'We will work towards a reduction in MRT glitches' — DOTC Sec. Abaya

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Metro Manila (CNN Philippines) — Commuters had trouble getting to and from their destinations last Friday (January 8) when a glitch in the signaling system of the Metro Rail Transit (MRT) Line 3 limited its operations.

During the morning rush hour on that same day, the MRT-3 also halted full-line operations for more than an hour due to a technical glitch.

Related: Signaling glitch limits MRT operations

In an interview on CNN Philippines' Headlines News on Tuesday (January 12), Department of Transportation and Communications (DOTC) Secretary Joseph Emilio "Jun" Abaya said the problems occurred because of the train's signaling system.

"It was clearly a signaling problem. There was a drop in voltage, there was an uninterrupted power supply involved in there that was a result part of our obsolete signaling system," said Abaya.

The Transport secretary reasoned that the signaling system should have been replaced more than 10 years ago.

"The signaling system is definitely obsolete," he continued. "Even if you look back to the Systra audit in 2010, this was an audit on Sumitomo with the maintenance provider, wherein the maintenance provider was clearly handled by the facility owner — this was also an audit before President Aquino's term started, it was clear in their findings that the signaling system should have been replaced in mid-2000. It was really due (for replacement) and it wasn't done."

But Abaya assured that "there is a component of a complete replacement of the signaling system" in the DOTC's new maintenance contract.

Sabotage not primary focus of probe

According to MRT General Manager Roman Buenafe, the signaling system is currently under contract with the joint venture of German company Schunk Bahn-und Industrietechnik GmbH and Filipino firm Comm Builders & Technology Phils. Corp. (SBI-CB&T JV).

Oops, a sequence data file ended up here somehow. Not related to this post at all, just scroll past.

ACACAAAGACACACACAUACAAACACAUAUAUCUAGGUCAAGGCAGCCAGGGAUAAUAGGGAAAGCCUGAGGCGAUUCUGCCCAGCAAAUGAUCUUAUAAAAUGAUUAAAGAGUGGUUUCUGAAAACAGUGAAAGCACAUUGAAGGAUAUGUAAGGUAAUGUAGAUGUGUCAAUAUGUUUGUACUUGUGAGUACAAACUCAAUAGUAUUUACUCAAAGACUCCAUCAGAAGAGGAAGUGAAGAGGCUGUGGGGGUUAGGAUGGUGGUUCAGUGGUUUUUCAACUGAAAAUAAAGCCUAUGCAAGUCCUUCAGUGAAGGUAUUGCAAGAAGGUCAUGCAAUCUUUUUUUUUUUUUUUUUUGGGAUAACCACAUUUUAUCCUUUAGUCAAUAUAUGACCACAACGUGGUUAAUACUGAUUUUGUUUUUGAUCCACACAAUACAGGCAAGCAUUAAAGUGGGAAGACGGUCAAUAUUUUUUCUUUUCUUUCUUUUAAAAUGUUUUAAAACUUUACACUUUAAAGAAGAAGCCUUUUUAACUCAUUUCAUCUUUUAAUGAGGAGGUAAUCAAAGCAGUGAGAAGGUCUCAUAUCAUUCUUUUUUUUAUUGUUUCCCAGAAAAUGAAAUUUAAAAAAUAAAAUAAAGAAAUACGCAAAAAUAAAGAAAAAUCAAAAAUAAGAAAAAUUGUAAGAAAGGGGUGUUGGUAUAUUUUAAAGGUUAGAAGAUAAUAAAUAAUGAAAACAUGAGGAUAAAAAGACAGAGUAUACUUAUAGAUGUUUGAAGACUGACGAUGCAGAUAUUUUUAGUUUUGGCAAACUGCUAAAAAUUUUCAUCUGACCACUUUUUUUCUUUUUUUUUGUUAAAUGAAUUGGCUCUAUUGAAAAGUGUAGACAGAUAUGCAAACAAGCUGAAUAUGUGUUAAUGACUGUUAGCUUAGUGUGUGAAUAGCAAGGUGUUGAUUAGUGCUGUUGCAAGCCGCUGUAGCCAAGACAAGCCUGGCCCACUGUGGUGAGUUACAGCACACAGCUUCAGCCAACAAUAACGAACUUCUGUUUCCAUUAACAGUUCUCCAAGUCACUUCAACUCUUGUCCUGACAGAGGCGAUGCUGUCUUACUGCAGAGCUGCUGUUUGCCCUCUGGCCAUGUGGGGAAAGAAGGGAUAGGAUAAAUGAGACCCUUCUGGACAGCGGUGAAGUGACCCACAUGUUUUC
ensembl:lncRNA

After Friday's glitches, Buenafe did not rule out the possibility of a sabotage of the train system's operations. There is an an ongoing investigation on the MRT glitches, but Abaya said sabotage is not the main focus of the probe and that they are looking at all the possibilities.

Related: We're probing sabotage, other angles in MRT glitches, says Abaya

"Just like any other credible and responsible investigation you look at all angles. There is no primary focus on sabotage — let's make it clear, it is not the primary focus of the investigation. The primary focus of the investigation is to find out the real causes, if sabotage is ruled out then that is well and good."

The Transport secretary said they will continue to deal with the German maintenance provider despite allegations of a sabotage.

"We should pay what is due to them, we should pay for the services rendered, we should pay for the parts delivered. We deal with them fairly and I think we should continue to engage them."

New maintenance provider

The department entered into a new maintenance contract on Thursday and Abaya believes getting the top-notch services of Busan Transport Corp. will help improve the operations of the MRT-3.

"This has been our goal from day one — to bring in a reputable world class longer-termed maintenance provider and if you see the record of Busan they have been maintaining rails in Korea since the 1980's. This itself is an achievement and I think it puts us in a very stable situation as to maintenance."

With regards to the glitches, Abaya said the department will do everything it can to lessen the technical problems of the train system.

"We will work towards a reduction in glitches," said Abaya. "But to promise there will be zero glitches is impossible — the best rail operators couldn't even promise that to the riding public."